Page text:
Newark high school teacher Yvette Jordan and Natural Resources Defense Council official Erik Olson join us for Part 2 of a discussion about the water crisis facing thousands in Newark, New Jersey. The NRDC filed a lawsuit against Newark over the summer, accusing the city of violating federal safe drinking water laws.
Trump ousts national security adviser John Bolton, hawk with long history of militarization abroad; Israeli Prime Minister Benjamin Netanyahu vows to annex nearly a third of the occupied West Bank; In Newark, New Jersey, the water crisis continues.
We speak with 16-year-old Swedish climate activist Greta Thunberg, who launched a school strike for the climate that went global. She will address the U.N. Climate Action Summit before a Sept. 20 global strike, and protest Friday at the White House.
A Florida lawmaker calls for the U.S. to allow entry to survivors of Hurricane Dorian; African asylum seekers are trapped in Mexico due to new restrictive migration policies; A Palestinian student starts classes at Harvard after initially being deported.
President Trump publicly canceled secret peace negotiations with the Taliban; an ICE agent opened fire on an undocumented immigrant in Nashville during a traffic stop; corporate media is ignoring the link between Hurricane Dorian and climate change.
Activist and organizer Lisa Fithian looks back on decades of activism and paves a road forward for current movements in her new book, “Shut It Down: Stories from a Fierce, Loving Resistance.” We speak with Fithian in Part 2 of a conversation about protest movements throughout time, combatting the climate crisis, and nonviolent direct action.
Hurricane Dorian continues north, battering the Carolinas as rescue efforts continue in the Bahamas; the legacy of former Zimbabwean President Robert Mugabe, who has died at 95; prolific activist Lisa Fithian on her new book and nonviolent movements.
2020 hopefuls outline their climate plans in CNN town hall after the DNC refuses to allow full debate on the climate crisis; Nearly 2 million people in Assam, India, are at risk of being rendered stateless.
Hurricane Dorian strikes the Bahamas, where widespread floods are engulfing the islands; in the Philippines, activist Brandon Lee remains in critical condition after being shot in August; Nigerian activist Omoyele Sowore enters his second month in jail.
A gunman in West Texas killed 7 and injured dozens Saturday, less than a month after the massacre in El Paso; Hurricane Dorian continues to devastate the Bahamas as it approaches Florida; pro-democracy protests enter their 13th week in China.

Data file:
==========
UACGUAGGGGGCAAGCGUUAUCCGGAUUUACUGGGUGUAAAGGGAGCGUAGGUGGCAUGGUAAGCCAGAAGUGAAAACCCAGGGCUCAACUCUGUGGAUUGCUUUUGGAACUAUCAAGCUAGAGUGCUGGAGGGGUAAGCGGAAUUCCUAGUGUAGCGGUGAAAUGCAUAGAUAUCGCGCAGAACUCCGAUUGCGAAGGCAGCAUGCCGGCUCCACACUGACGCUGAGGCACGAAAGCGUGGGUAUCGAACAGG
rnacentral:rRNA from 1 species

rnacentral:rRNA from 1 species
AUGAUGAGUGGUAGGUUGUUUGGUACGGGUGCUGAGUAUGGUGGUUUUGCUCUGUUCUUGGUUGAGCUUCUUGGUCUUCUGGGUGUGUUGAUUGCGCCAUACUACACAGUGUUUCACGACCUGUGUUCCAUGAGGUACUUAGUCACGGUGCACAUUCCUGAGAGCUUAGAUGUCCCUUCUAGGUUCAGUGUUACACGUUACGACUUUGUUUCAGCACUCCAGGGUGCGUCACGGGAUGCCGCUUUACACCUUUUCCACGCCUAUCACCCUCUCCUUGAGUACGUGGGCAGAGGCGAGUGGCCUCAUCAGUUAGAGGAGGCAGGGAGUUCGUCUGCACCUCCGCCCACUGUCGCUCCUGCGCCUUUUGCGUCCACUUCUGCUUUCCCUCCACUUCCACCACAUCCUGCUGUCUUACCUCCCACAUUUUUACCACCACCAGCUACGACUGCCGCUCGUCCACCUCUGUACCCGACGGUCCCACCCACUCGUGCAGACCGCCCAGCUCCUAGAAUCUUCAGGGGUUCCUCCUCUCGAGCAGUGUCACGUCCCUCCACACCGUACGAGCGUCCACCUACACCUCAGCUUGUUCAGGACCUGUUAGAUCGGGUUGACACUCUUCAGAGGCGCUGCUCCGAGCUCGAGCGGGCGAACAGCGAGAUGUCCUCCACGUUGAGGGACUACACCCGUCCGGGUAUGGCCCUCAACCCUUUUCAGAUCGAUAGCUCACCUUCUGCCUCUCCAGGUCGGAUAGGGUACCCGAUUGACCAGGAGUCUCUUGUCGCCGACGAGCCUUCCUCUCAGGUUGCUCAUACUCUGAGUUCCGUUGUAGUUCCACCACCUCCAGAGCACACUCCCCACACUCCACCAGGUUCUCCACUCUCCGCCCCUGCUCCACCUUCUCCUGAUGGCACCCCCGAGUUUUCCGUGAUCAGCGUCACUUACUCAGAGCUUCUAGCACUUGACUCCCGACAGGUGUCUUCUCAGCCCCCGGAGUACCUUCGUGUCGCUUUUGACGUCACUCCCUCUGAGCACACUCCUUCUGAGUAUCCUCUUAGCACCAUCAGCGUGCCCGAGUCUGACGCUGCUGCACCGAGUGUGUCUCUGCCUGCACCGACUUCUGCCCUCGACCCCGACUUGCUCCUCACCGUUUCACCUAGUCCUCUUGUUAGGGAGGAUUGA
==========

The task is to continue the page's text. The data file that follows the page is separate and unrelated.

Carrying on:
Democracy Now! follows humanitarian activist Scott Warren into the Sonoran Desert as he accompanies other No More Deaths volunteers on a water drop. We also speak to Alvaro Enciso, creator of the project Where Dreams Die.
Rami Khouri, senior public policy fellow, professor and columnist at The New Arab, says that much of the instability in the Middle East stems from the conflict between Israelis and Palestinians. We spoke with Khouri, who is currently a journalist-in-residence at the American University of Beirut, about how the U.S. is exacerbating tensions in the region. The U.S. is trying to erase the “Palestinian national reality,” he says. “There’s about 12 million Palestinians in the world. And they...
The Trump administration ends the medical deferred action program for immigrants with severe medical conditions; In Nogales, Mexico, the family of José Antonio Elena Rodríguez continues to seek justice for his 2012 killing by a Border Patrol agent.
Swedish climate activist Greta Thunberg arrives in New York, greeted by crowds of supporters; U.K. Prime Minister Boris Johnson suspends Parliament ahead of Brexit; Remembering legendary peace activist Frances Crowe.
At least 900 refugees have died crossing the Mediterranean in 2019; Unprecedented fires in the Amazon reflect Brazilian President Jair Bolsonaro’s far-right policies; Israeli airstrikes in Lebanon, Syria and Iraq create tensions across the Middle East.
Following the death of billionaire right-wing donor David Koch, we look at how he and his brother Charles Koch transformed the American economy and political system from funding climate change deniers to fighting organized labor.
An Oklahoma judge orders Johnson & Johnson to pay $572 million for fueling the state's opioid epidemic; Following the death of David Koch, we speak with Christopher Leonard, author of "Kochland," about how the Kochs changed the U.S. economy and politics.
A recent mysterious nuclear accident in Russia is drawing comparisons to the Chernobyl disaster in 1986. As Kashmir enters its fourth week of lockdowns, we speak with a leading feminist activist about her recent fact-finding visit in the territory.